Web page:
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Ban OTC? How are you going to do that?

Simple. You cannot legally change ownership of anything that is traded on an exchange without notifying the exchange and paying the Tobin Tax.

The same way that you cannot legally change ownership of a house without notifying the local zoning authority and paying stamp duty.

Private agreements that, at some future point in time, securities that are traded on exchange will change hands should be similarly unenforceable, unless they are registered with the exchange. Precisely the same way that I cannot hold you to a promise you make to sell me your house at some agreed-upon time at some agreed-upon price, unless the contract has been signed and notarised.

Contracts between private third parties require the government to enforce them. So if the government ceases to enforce certain kinds of contracts, they cease to have meaning as contracts and become much vaguer kinds of promises. Private enforcement of such promises is what's known as "blackmail" and it is usually frowned upon in polite society.

Why? A replication strategy is only a sequence of trades, such as any person might do. The difference is in the player's mind. Whereas a casual investor has no idea what the end result of his investment strategy will be, beyond a nebulous hope of increasing his wealth, the replication strategy is designed to create a specified function of the underlying stock.

Yes, and that's the problem. It works on the stock price to generate revenue, rather than the underlying cash flow.

Which is a bug, not a feature.

And Tobin concerns exchange trades only, right? What private companies agree between each other about what they will or will not do on the exchange is not covered, right?

Correct. But if such agreements are not enforced by the state, the first time any party finds itself in a losing bet he can simply walk out without further discussion.

- Jake

Friends come and go. Enemies accumulate.

by JakeS (JangoSierra 'at' gmail 'dot' com) on Fri Jul 31st, 2009 at 05:27:28 AM EST
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Simple. You cannot legally change ownership of anything that is traded on an exchange without notifying the exchange and paying the Tobin Tax.

Exchanges? Who needs exchanges?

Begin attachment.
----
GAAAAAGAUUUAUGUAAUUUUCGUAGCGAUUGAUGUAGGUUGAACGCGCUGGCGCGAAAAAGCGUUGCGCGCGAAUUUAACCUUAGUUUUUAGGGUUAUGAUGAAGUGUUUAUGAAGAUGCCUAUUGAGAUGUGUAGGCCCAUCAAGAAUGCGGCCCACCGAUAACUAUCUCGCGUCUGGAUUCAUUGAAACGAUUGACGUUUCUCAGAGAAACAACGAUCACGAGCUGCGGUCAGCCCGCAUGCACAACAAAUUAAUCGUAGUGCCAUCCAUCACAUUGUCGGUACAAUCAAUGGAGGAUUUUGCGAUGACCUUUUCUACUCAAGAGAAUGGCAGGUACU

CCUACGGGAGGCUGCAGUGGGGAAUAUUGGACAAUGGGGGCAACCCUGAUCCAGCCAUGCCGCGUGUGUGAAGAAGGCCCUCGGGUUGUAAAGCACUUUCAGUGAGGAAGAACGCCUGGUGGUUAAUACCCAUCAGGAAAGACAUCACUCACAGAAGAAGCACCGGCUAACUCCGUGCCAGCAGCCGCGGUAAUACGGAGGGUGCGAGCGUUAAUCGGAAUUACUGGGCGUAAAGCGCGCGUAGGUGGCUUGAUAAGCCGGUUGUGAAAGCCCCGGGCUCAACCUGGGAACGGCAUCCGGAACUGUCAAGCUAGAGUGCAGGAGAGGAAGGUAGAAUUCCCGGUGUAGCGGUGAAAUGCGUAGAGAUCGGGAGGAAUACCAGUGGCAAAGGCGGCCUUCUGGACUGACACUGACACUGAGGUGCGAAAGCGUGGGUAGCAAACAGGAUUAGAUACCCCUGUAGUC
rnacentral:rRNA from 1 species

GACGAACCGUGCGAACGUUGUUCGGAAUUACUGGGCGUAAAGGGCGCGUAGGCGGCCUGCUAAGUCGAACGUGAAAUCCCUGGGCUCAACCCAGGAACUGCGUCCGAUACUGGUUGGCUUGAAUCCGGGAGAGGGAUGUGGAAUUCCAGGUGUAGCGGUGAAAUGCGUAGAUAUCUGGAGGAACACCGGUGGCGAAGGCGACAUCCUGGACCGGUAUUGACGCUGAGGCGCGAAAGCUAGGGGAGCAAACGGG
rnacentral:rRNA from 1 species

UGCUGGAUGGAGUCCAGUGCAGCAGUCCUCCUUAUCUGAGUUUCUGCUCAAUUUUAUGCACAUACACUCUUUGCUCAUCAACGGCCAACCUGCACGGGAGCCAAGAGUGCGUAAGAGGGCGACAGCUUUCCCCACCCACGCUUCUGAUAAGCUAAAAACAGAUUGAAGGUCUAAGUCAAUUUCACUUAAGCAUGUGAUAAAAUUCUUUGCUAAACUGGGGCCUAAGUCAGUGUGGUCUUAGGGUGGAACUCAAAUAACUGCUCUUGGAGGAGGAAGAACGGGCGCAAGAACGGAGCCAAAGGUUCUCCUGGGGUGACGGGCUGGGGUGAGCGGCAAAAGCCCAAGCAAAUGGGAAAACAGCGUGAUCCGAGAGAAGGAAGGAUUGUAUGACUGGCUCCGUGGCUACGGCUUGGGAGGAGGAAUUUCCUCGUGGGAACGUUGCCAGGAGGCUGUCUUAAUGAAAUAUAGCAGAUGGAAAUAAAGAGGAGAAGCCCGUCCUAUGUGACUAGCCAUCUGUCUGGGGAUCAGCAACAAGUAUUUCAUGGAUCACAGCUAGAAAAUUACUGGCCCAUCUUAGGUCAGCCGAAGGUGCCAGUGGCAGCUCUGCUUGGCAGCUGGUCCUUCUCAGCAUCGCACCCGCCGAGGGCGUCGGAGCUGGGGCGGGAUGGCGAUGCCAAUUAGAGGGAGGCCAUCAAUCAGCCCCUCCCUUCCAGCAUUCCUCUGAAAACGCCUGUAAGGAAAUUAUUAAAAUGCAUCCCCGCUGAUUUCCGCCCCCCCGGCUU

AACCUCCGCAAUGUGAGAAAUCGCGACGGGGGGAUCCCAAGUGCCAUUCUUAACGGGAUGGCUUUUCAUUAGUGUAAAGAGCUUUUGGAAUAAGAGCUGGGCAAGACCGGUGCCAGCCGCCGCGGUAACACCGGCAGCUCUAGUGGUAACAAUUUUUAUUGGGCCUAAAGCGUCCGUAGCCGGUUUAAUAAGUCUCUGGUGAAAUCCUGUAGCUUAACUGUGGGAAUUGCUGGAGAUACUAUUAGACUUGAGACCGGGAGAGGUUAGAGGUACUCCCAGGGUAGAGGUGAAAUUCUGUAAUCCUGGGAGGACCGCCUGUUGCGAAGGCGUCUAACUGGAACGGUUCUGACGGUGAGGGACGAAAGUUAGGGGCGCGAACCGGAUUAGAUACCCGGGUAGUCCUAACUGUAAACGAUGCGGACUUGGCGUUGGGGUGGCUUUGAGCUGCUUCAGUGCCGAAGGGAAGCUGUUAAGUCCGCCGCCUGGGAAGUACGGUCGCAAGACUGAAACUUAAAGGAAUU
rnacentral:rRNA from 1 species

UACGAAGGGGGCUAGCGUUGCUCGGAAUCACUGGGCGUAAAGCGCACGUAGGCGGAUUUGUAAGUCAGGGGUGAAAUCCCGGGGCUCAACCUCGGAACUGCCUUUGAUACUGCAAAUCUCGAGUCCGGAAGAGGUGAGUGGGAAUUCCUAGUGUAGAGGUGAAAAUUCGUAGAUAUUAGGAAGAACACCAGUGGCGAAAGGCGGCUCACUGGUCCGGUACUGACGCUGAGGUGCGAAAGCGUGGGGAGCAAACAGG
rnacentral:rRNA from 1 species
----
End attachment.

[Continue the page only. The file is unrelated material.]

Where's the exchange in the world of FX?

Exchange trading would disappear into "dark pools" of liquidity in five minutes. A lot already has.

"The future is already here -- it's just not very evenly distributed" William Gibson

by ChrisCook (cojockathotmaildotcom) on Fri Jul 31st, 2009 at 07:10:20 AM EST
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Where's the exchange in the world of FX?

Basel.

It's not a very effective exchange, as a number of SE Asian countries will attest, but it's there.

- Jake

Friends come and go. Enemies accumulate.

by JakeS (JangoSierra 'at' gmail 'dot' com) on Fri Jul 31st, 2009 at 07:24:55 AM EST
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Basel??

CLS Bank is the closest thing there is and it's not even remotely possible to operate at the requisite level of granularity.

There is not a cat in hell's chance of a Tobin Tax without a new clearing network created - or evolving - from the ground up.

"The future is already here -- it's just not very evenly distributed" William Gibson

by ChrisCook (cojockathotmaildotcom) on Fri Jul 31st, 2009 at 07:40:14 AM EST
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Because existing exchanges would resist?  Because capital would flee to "dark pools" and engage in legally unenforceable transactions?  Well, various mafia's do seem to be able to do business, but...

"It is not necessary to have hope in order to persevere."
by ARGeezer (ARGeezer a in a circle eurotrib daught com) on Fri Jul 31st, 2009 at 01:49:07 PM EST
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